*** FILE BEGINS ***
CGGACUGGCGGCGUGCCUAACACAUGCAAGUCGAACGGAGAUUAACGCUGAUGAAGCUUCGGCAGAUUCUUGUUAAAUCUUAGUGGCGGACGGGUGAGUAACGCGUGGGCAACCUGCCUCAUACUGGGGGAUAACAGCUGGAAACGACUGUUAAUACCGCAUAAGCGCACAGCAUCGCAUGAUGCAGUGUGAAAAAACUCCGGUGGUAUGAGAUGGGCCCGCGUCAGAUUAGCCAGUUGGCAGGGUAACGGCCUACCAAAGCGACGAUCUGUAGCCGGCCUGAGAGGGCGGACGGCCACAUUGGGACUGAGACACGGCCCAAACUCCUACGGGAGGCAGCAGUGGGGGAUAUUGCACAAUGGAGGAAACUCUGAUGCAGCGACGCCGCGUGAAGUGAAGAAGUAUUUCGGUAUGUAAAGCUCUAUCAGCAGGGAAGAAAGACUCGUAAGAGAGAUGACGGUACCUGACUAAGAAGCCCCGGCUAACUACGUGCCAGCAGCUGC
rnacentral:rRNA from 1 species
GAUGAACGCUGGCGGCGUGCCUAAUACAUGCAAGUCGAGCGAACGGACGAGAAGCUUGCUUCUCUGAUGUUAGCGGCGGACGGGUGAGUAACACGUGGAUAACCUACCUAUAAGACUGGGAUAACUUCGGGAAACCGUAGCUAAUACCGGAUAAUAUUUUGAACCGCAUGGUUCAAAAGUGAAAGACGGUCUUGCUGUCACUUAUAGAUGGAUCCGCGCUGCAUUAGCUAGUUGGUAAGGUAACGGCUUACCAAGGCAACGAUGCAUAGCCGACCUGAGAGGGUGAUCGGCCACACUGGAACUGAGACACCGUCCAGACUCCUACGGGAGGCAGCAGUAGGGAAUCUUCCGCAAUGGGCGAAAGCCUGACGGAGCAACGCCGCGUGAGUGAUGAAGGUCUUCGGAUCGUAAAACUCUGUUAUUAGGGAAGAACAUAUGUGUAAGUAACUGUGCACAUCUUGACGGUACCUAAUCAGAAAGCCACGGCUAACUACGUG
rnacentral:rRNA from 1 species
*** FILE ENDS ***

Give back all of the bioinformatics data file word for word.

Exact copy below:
CGGACUGGCGGCGUGCCUAACACAUGCAAGUCGAACGGAGAUUAACGCUGAUGAAGCUUCGGCAGAUUCUUGUUAAAUCUUAGUGGCGGACGGGUGAGUAACGCGUGGGCAACCUGCCUCAUACUGGGGGAUAACAGCUGGAAACGACUGUUAAUACCGCAUAAGCGCACAGCAUCGCAUGAUGCAGUGUGAAAAAACUCCGGUGGUAUGAGAUGGGCCCGCGUCAGAUUAGCCAGUUGGCAGGGUAACGGCCUACCAAAGCGACGAUCUGUAGCCGGCCUGAGAGGGCGGACGGCCACAUUGGGACUGAGACACGGCCCAAACUCCUACGGGAGGCAGCAGUGGGGGAUAUUGCACAAUGGAGGAAACUCUGAUGCAGCGACGCCGCGUGAAGUGAAGAAGUAUUUCGGUAUGUAAAGCUCUAUCAGCAGGGAAGAAAGACUCGUAAGAGAGAUGACGGUACCUGACUAAGAAGCCCCGGCUAACUACGUGCCAGCAGCUGC
rnacentral:rRNA from 1 species
GAUGAACGCUGGCGGCGUGCCUAAUACAUGCAAGUCGAGCGAACGGACGAGAAGCUUGCUUCUCUGAUGUUAGCGGCGGACGGGUGAGUAACACGUGGAUAACCUACCUAUAAGACUGGGAUAACUUCGGGAAACCGUAGCUAAUACCGGAUAAUAUUUUGAACCGCAUGGUUCAAAAGUGAAAGACGGUCUUGCUGUCACUUAUAGAUGGAUCCGCGCUGCAUUAGCUAGUUGGUAAGGUAACGGCUUACCAAGGCAACGAUGCAUAGCCGACCUGAGAGGGUGAUCGGCCACACUGGAACUGAGACACCGUCCAGACUCCUACGGGAGGCAGCAGUAGGGAAUCUUCCGCAAUGGGCGAAAGCCUGACGGAGCAACGCCGCGUGAGUGAUGAAGGUCUUCGGAUCGUAAAACUCUGUUAUUAGGGAAGAACAUAUGUGUAAGUAACUGUGCACAUCUUGACGGUACCUAAUCAGAAAGCCACGGCUAACUACGUG
rnacentral:rRNA from 1 species